However, residents and leaders in the county are not convinced by KWS' assurances.

They have accused KWS and the government of being insensitive and indifferent to the suffering of the people who bear the brunt of living with wildlife.

They also claim that the compensation process is rife with corruption and inefficiency, leading to delays, inconsistencies and discrimination.

They questioned the criteria used to select beneficiaries, claiming that some of the recipients were not genuine victims of human-wildlife conflict.

John Mwabutanga said he submitted a claim in 2017 after his entire farm was attacked by elephants, but to date, he has not received any compensation.

"I have been following up with the KWS office in Voi, but they keep telling me to wait. They say they have no money to pay us. I don't know what to do. I depend on farming for my livelihood," he said.

Former Voi MP Basil Mwakiringo alleged that some KWS officials and committee members are colluding with unscrupulous individuals to inflate or falsify claims, while genuine claimants are left out or given peanuts.

Mwakiringo said many victims had been left out of the compensation process despite having valid documents and evidence of their losses.

He called for an audit of the list of beneficiaries and verification of their claims, saying there could be a syndicate of fraudsters exploiting the system.

"We want to know who are these people who have been paid and how did they qualify. We suspect that there is corruption and favouritism involved. We demand that this be investigated and those found capable held accountable for this injustice," he said.

The MP said residents are demanding a fair and transparent compensation process.

"We want the relevant agencies, including the National Assembly’s Tourism and Wildlife Committee, to investigate the list. Some people were compensated [through] false claims," he said.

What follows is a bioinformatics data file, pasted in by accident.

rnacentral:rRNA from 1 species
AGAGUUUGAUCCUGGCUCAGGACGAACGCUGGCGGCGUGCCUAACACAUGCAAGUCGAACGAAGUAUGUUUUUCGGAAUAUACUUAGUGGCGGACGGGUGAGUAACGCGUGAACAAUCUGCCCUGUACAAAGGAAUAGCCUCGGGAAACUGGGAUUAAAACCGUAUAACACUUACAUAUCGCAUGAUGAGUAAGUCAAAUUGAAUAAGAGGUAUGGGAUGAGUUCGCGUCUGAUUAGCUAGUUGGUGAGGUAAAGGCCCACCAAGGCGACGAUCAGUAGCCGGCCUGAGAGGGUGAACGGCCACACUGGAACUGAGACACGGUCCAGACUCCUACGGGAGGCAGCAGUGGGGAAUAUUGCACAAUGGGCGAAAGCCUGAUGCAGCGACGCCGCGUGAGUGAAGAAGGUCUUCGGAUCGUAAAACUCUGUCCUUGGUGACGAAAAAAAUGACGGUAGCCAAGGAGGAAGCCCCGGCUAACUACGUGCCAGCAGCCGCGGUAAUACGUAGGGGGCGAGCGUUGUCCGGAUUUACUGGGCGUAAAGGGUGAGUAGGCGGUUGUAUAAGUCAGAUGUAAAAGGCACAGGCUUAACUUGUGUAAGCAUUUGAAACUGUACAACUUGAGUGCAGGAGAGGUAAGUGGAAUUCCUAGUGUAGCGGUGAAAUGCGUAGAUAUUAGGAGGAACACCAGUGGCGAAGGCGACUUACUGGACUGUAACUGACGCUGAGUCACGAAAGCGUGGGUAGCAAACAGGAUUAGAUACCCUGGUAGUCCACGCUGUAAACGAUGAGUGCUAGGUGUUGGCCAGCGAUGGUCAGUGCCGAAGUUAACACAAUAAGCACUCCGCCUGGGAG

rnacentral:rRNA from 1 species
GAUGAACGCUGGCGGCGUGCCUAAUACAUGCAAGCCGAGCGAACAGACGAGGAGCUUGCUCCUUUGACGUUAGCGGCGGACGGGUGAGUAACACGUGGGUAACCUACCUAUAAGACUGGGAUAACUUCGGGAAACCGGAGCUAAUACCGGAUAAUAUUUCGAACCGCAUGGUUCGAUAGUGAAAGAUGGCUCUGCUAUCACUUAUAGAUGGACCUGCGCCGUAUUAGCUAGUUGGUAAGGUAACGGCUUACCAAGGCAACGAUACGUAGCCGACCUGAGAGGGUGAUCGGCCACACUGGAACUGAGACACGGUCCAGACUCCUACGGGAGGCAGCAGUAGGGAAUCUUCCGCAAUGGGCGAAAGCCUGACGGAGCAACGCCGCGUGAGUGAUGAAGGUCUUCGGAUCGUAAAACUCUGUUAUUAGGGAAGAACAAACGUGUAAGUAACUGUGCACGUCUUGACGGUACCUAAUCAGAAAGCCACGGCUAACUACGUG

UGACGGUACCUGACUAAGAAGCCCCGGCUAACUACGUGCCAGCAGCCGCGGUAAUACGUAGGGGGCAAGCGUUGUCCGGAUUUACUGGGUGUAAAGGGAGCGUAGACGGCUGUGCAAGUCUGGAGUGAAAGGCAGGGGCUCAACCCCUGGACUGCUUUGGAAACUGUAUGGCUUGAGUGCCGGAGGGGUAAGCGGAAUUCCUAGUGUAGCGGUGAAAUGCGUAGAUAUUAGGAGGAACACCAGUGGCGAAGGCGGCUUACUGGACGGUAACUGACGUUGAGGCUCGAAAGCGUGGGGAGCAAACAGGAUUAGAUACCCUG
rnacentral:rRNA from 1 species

He also said the compensation rates were outdated and did not reflect current economic realities, calling for a review of the rates and a revision of the Wildlife Conservation and Management Act, 2013, which provides the legal framework for compensation.

Voi MP Abdi Chome said some residents had complained that the amounts paid as compensation were inadequate and did not reflect actual losses.

“Some of my constituents are not happy with the amount they have received. They feel that it is too low compared to the damage they suffered,” he said.

He also called on the government to increase the budget for compensation and review the rates to reflect current market prices.

Mwatate MP Peter Shake said through KWS they would be urging the government to step up efforts to prevent and mitigate human-wildlife conflict by erecting electric fences, digging water pans, providing alternative livelihoods and increasing community participation in conservation.

The escalating human-wildlife conflict in Taita Taveta has been attributed to the proximity of the park, which has forced most of the animals to move into the community area.

The acting chairperson of the National Assembly Committee on Tourism and Wildlife, Alfred Mutai, said the government is committed to compensating victims of human-wildlife conflict but the demand is overwhelming.

He said the government had allocated Sh1 billion for compensation in the current financial year.

"That is why we are working with the executive to ensure that the government explores other ways of addressing the problem such as insurance schemes and also investing in preventive and mitigating measures such as fencing," he said.